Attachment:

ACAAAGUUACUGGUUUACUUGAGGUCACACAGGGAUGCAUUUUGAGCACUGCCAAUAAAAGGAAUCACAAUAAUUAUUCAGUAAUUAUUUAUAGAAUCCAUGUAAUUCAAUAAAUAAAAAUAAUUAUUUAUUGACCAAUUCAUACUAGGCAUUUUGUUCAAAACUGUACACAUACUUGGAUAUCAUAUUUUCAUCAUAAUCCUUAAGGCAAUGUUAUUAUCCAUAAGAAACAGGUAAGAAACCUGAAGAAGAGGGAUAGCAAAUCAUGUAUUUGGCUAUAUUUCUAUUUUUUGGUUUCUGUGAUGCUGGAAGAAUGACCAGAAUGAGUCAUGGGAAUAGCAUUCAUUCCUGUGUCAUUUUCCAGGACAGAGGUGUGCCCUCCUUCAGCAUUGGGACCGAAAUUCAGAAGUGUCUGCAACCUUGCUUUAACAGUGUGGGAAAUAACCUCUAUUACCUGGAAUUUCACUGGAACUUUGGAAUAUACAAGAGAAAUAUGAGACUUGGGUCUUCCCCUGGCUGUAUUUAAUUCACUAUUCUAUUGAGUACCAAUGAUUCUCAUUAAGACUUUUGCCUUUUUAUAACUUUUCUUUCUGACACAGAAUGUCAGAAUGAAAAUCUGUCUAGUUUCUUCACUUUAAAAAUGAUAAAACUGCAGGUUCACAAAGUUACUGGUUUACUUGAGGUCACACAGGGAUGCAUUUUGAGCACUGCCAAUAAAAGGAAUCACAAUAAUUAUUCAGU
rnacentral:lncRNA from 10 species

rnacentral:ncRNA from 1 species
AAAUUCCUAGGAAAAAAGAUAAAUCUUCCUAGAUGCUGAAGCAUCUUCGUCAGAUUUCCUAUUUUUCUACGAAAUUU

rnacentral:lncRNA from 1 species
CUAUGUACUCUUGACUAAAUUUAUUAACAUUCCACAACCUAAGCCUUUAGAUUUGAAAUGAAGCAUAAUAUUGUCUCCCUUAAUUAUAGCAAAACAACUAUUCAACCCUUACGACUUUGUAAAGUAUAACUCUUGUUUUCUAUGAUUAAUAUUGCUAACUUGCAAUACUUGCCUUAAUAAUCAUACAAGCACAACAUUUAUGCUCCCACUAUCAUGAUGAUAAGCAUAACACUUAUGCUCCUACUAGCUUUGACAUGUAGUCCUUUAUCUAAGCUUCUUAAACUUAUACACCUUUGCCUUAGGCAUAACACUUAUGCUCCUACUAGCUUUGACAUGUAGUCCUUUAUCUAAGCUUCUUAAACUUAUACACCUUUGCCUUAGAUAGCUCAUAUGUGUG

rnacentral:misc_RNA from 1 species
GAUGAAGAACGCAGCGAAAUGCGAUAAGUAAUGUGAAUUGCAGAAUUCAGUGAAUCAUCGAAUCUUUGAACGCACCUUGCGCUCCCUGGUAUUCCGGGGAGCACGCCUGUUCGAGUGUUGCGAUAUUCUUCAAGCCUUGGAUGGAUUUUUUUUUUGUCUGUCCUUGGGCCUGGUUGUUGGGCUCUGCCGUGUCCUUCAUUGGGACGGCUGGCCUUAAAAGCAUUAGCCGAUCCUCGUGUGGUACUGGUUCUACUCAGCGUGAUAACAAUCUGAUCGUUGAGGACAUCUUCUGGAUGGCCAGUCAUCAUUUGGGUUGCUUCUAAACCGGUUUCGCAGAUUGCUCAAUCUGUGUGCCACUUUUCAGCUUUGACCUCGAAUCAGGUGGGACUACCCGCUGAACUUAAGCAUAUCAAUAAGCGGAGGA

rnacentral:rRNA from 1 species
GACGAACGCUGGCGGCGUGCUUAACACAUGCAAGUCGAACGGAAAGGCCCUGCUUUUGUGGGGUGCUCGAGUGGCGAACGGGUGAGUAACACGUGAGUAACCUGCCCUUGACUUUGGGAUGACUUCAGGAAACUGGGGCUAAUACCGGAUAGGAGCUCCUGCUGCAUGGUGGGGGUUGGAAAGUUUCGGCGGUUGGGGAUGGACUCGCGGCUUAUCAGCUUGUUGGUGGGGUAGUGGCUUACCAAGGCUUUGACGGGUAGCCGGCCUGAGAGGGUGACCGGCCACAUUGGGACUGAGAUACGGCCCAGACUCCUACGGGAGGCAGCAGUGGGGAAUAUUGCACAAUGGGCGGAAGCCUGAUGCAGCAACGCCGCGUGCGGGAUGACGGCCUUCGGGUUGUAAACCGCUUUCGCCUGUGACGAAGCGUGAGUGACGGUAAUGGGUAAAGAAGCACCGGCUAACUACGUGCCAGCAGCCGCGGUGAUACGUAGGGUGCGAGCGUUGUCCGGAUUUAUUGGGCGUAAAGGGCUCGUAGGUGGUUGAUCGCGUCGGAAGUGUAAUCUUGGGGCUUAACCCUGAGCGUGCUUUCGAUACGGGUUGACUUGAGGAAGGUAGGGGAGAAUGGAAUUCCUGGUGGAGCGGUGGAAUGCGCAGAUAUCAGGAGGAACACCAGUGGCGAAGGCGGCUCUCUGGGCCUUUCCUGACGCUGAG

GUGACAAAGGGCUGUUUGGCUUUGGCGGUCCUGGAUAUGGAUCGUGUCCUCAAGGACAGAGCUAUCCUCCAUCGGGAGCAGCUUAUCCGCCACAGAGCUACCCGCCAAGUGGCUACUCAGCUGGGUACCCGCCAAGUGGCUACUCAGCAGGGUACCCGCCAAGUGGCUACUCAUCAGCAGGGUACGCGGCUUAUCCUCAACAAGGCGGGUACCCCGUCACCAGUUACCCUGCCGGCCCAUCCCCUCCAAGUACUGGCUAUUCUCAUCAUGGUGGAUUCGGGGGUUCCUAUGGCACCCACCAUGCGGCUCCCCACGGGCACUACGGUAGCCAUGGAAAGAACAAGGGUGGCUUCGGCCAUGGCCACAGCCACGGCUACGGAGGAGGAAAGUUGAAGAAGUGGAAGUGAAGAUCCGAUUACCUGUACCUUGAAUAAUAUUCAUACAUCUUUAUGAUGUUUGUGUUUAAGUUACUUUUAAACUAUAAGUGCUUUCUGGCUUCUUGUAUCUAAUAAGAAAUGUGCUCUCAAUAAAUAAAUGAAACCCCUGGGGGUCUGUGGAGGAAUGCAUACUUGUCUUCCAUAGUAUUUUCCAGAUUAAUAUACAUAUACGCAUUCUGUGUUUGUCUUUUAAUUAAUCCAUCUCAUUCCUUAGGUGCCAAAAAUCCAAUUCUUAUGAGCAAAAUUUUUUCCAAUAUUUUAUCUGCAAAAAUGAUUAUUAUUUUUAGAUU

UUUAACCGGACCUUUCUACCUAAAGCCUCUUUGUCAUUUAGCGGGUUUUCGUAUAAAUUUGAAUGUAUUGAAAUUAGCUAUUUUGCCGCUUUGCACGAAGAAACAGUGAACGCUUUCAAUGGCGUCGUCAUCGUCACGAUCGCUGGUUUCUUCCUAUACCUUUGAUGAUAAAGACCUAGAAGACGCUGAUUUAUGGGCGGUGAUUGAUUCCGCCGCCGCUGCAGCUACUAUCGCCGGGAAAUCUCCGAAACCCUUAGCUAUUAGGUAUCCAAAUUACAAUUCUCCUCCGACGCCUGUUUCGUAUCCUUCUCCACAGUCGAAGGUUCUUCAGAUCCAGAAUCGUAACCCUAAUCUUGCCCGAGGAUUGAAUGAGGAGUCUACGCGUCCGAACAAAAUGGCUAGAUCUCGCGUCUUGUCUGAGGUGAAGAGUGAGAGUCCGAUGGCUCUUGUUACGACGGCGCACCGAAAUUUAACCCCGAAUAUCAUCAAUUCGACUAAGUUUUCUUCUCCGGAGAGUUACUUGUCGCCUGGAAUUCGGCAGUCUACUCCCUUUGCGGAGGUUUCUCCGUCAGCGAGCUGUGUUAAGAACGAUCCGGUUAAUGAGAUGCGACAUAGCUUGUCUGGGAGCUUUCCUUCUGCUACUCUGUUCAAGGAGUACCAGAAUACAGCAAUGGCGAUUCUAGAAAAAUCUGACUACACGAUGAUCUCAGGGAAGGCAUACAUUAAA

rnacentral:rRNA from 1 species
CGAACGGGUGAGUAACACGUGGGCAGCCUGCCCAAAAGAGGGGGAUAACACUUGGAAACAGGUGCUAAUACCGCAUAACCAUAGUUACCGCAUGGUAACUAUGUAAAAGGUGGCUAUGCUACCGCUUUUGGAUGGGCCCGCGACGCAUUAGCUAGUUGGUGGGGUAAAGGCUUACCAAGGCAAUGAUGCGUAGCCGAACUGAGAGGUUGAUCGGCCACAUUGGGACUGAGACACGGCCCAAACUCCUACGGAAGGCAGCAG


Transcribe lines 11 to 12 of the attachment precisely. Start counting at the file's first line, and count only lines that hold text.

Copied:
GUGACAAAGGGCUGUUUGGCUUUGGCGGUCCUGGAUAUGGAUCGUGUCCUCAAGGACAGAGCUAUCCUCCAUCGGGAGCAGCUUAUCCGCCACAGAGCUACCCGCCAAGUGGCUACUCAGCUGGGUACCCGCCAAGUGGCUACUCAGCAGGGUACCCGCCAAGUGGCUACUCAUCAGCAGGGUACGCGGCUUAUCCUCAACAAGGCGGGUACCCCGUCACCAGUUACCCUGCCGGCCCAUCCCCUCCAAGUACUGGCUAUUCUCAUCAUGGUGGAUUCGGGGGUUCCUAUGGCACCCACCAUGCGGCUCCCCACGGGCACUACGGUAGCCAUGGAAAGAACAAGGGUGGCUUCGGCCAUGGCCACAGCCACGGCUACGGAGGAGGAAAGUUGAAGAAGUGGAAGUGAAGAUCCGAUUACCUGUACCUUGAAUAAUAUUCAUACAUCUUUAUGAUGUUUGUGUUUAAGUUACUUUUAAACUAUAAGUGCUUUCUGGCUUCUUGUAUCUAAUAAGAAAUGUGCUCUCAAUAAAUAAAUGAAACCCCUGGGGGUCUGUGGAGGAAUGCAUACUUGUCUUCCAUAGUAUUUUCCAGAUUAAUAUACAUAUACGCAUUCUGUGUUUGUCUUUUAAUUAAUCCAUCUCAUUCCUUAGGUGCCAAAAAUCCAAUUCUUAUGAGCAAAAUUUUUUCCAAUAUUUUAUCUGCAAAAAUGAUUAUUAUUUUUAGAUU

UUUAACCGGACCUUUCUACCUAAAGCCUCUUUGUCAUUUAGCGGGUUUUCGUAUAAAUUUGAAUGUAUUGAAAUUAGCUAUUUUGCCGCUUUGCACGAAGAAACAGUGAACGCUUUCAAUGGCGUCGUCAUCGUCACGAUCGCUGGUUUCUUCCUAUACCUUUGAUGAUAAAGACCUAGAAGACGCUGAUUUAUGGGCGGUGAUUGAUUCCGCCGCCGCUGCAGCUACUAUCGCCGGGAAAUCUCCGAAACCCUUAGCUAUUAGGUAUCCAAAUUACAAUUCUCCUCCGACGCCUGUUUCGUAUCCUUCUCCACAGUCGAAGGUUCUUCAGAUCCAGAAUCGUAACCCUAAUCUUGCCCGAGGAUUGAAUGAGGAGUCUACGCGUCCGAACAAAAUGGCUAGAUCUCGCGUCUUGUCUGAGGUGAAGAGUGAGAGUCCGAUGGCUCUUGUUACGACGGCGCACCGAAAUUUAACCCCGAAUAUCAUCAAUUCGACUAAGUUUUCUUCUCCGGAGAGUUACUUGUCGCCUGGAAUUCGGCAGUCUACUCCCUUUGCGGAGGUUUCUCCGUCAGCGAGCUGUGUUAAGAACGAUCCGGUUAAUGAGAUGCGACAUAGCUUGUCUGGGAGCUUUCCUUCUGCUACUCUGUUCAAGGAGUACCAGAAUACAGCAAUGGCGAUUCUAGAAAAAUCUGACUACACGAUGAUCUCAGGGAAGGCAUACAUUAAA